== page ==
Yahoo Finance's Myles Udland, Julie Hyman and Brian Sozzi break down how meme stocks are faring ahead of this week's inflation data.
JULIE HYMAN: Well, as we look ahead to that inflation data, as we saw last week, markets abhor a vacuum, a news vacuum. And so one of the things that leapt into the breach were meme stocks last week and AMC in particular, as we saw that stock rise-- I think 86% was the final tally when all was said and done, even with a dip late in the week. the shares are up another 4.5% here this morning.
Myles, I'm sure you were doing some deep thinking on the meme stock front over the course of the weekend and whether we would continue to see a lot of this action. I don't know that we know what exactly sparked the rally that we saw last week or the renewed interest in it, but it doesn't feel like that it's necessarily going away.
MYLES UDLAND: No, I think the more that I think about it, the more that we cover these meme stocks as, really, the most interesting sub-story within the market-- because all the conversation we were just having with Brian and the direction of the economy, that's heady stuff. That is where the base of the trajectory for all of this is really formed. But the activity with meme stocks underneath the surface and the fact that it has now come up in essentially the same form a couple of times within three months-- and yet, as we discussed with Jared last week, and I'm sure we'll talk about as we get through this week, the lack of spillover between what's happened in the meme names and how sentiment within the broader market is reflected, I think, to me is the most instructive part of this story right now.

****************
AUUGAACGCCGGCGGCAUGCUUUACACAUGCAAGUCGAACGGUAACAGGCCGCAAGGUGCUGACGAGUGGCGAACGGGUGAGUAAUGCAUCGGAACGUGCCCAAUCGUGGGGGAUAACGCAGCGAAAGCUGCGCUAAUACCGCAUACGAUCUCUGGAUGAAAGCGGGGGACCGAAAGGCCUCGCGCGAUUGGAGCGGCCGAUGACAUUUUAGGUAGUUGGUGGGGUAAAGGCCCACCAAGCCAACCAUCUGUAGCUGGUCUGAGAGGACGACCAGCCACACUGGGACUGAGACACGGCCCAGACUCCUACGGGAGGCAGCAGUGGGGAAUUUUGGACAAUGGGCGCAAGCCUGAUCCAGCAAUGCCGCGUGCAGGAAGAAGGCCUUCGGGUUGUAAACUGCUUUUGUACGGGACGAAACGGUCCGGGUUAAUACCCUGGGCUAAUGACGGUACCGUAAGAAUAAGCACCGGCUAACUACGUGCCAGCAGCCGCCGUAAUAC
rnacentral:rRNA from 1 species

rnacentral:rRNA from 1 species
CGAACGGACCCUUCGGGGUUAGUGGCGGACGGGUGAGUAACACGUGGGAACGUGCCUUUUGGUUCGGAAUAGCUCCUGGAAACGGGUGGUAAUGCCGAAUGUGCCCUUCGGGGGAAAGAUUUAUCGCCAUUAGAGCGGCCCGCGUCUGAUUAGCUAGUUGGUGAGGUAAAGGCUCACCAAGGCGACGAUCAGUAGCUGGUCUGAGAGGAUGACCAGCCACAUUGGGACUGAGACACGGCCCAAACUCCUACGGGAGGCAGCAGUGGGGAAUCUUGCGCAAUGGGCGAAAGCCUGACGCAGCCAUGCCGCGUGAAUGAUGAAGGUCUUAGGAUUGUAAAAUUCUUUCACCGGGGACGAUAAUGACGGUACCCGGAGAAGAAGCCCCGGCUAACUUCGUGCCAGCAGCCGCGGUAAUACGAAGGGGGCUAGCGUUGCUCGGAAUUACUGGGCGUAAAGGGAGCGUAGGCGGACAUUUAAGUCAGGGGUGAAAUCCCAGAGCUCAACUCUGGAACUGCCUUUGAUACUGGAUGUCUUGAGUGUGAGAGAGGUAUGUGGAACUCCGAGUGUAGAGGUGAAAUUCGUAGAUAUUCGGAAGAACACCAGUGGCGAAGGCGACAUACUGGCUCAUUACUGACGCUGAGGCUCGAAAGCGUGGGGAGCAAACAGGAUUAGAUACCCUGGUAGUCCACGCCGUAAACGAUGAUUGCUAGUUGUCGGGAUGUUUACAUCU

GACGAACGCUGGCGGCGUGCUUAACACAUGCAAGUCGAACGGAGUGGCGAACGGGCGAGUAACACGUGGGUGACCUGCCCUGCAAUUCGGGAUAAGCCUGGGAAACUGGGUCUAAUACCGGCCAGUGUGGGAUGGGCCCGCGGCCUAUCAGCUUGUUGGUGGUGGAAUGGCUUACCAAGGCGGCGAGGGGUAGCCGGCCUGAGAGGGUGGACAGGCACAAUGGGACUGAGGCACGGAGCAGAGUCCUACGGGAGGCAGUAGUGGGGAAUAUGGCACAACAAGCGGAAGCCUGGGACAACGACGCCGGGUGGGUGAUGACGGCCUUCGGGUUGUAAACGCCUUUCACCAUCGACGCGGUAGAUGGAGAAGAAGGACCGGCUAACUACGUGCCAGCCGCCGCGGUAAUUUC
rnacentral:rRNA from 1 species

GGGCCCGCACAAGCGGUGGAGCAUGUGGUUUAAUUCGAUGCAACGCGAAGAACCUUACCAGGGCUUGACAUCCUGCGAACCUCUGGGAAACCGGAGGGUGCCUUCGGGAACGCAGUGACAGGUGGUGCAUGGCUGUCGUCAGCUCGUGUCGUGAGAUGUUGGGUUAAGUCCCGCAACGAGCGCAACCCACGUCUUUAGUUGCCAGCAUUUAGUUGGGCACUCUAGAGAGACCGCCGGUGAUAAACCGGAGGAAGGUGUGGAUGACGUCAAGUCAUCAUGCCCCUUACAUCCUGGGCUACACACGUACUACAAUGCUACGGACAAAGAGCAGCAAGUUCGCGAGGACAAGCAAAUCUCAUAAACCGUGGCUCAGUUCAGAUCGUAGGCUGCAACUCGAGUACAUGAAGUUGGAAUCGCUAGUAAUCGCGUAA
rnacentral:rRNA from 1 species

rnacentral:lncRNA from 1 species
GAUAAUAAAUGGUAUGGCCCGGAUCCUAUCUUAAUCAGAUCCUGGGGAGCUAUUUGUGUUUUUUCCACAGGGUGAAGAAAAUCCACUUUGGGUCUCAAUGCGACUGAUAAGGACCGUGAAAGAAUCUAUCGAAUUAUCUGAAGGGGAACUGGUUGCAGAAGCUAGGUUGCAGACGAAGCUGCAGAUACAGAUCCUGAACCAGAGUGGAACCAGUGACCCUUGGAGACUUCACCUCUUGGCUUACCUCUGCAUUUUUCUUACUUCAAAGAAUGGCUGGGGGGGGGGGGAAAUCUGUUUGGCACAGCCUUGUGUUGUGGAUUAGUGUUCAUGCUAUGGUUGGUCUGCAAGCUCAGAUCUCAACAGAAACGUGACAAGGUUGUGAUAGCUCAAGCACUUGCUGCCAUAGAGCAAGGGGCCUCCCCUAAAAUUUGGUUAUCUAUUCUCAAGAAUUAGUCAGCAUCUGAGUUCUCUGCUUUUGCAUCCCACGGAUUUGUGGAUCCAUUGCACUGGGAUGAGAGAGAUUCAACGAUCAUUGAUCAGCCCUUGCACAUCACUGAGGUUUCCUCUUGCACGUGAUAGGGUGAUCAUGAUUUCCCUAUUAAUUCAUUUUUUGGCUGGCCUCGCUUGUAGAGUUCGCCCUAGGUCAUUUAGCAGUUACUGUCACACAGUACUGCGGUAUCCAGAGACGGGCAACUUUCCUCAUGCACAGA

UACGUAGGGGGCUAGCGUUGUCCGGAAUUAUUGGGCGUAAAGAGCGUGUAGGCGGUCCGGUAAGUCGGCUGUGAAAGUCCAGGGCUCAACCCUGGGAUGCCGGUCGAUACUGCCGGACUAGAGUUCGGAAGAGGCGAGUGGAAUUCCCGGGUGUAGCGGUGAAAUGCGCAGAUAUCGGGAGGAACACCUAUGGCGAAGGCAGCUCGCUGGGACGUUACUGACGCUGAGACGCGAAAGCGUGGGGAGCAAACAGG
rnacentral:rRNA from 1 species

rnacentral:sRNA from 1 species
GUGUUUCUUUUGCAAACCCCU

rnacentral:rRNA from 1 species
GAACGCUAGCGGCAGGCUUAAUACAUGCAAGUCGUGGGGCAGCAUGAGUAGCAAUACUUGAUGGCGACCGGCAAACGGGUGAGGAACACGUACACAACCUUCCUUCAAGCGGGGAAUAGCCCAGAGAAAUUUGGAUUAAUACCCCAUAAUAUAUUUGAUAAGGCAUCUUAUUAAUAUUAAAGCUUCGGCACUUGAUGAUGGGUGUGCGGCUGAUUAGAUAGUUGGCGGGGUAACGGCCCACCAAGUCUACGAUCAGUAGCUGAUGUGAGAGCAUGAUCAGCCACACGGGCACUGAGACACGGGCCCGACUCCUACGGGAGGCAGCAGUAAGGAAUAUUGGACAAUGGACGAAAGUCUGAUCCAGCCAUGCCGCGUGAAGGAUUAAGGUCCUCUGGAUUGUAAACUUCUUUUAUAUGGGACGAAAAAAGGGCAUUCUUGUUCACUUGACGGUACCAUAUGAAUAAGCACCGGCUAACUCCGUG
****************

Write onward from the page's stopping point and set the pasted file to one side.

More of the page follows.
I know there were a few stories out from a variety of publications over the weekend about the index industry and how some of the rally in the meme names opens that up to distortions within the construction of the index. Because obviously, if you have a market-cap-weighted index or market-cap-weighted type fund, and AMC is now double the size that it was, quadruple the size that it was, it can move that index or fund around a little bit more. Of course, if you're talking about the Russell 2000 or you're talking about even a sector-level index, its weighting is going to be still in the fractions of percentage points.
And so it's not going to, and has not, shown up in those overall measures. And so Sozzi, I enjoy the story. I enjoy covering the story and I enjoy discussing the story because the meme names are an oddity unto themselves. And we are not sitting here saying, what's the existential threat to markets because AMC shares quadrupled? I suppose there is a point at which that would happen. But that it has not happened, I think, to me is so far the biggest takeaway of round two of this episode.
BRIAN SOZZI: Yeah, and also the spillover effect, Myles. You mentioned the Russell 2000. FTSE Russell, who obviously oversees the Russell 2000, Russell 1000, and many other indexes, came out over the weekend describing or laying out their reconstitution plans. Now, this happens every year in June. Reconstitution essentially means they will add and subtract certain companies in the index. They're noting that the Russell 2000, since last June's reconstitution, up 84%-- 84%-- to $3.5 trillion in terms of overall market cap. In large part, that is because of interest in these meme stocks at GameStop and AMC.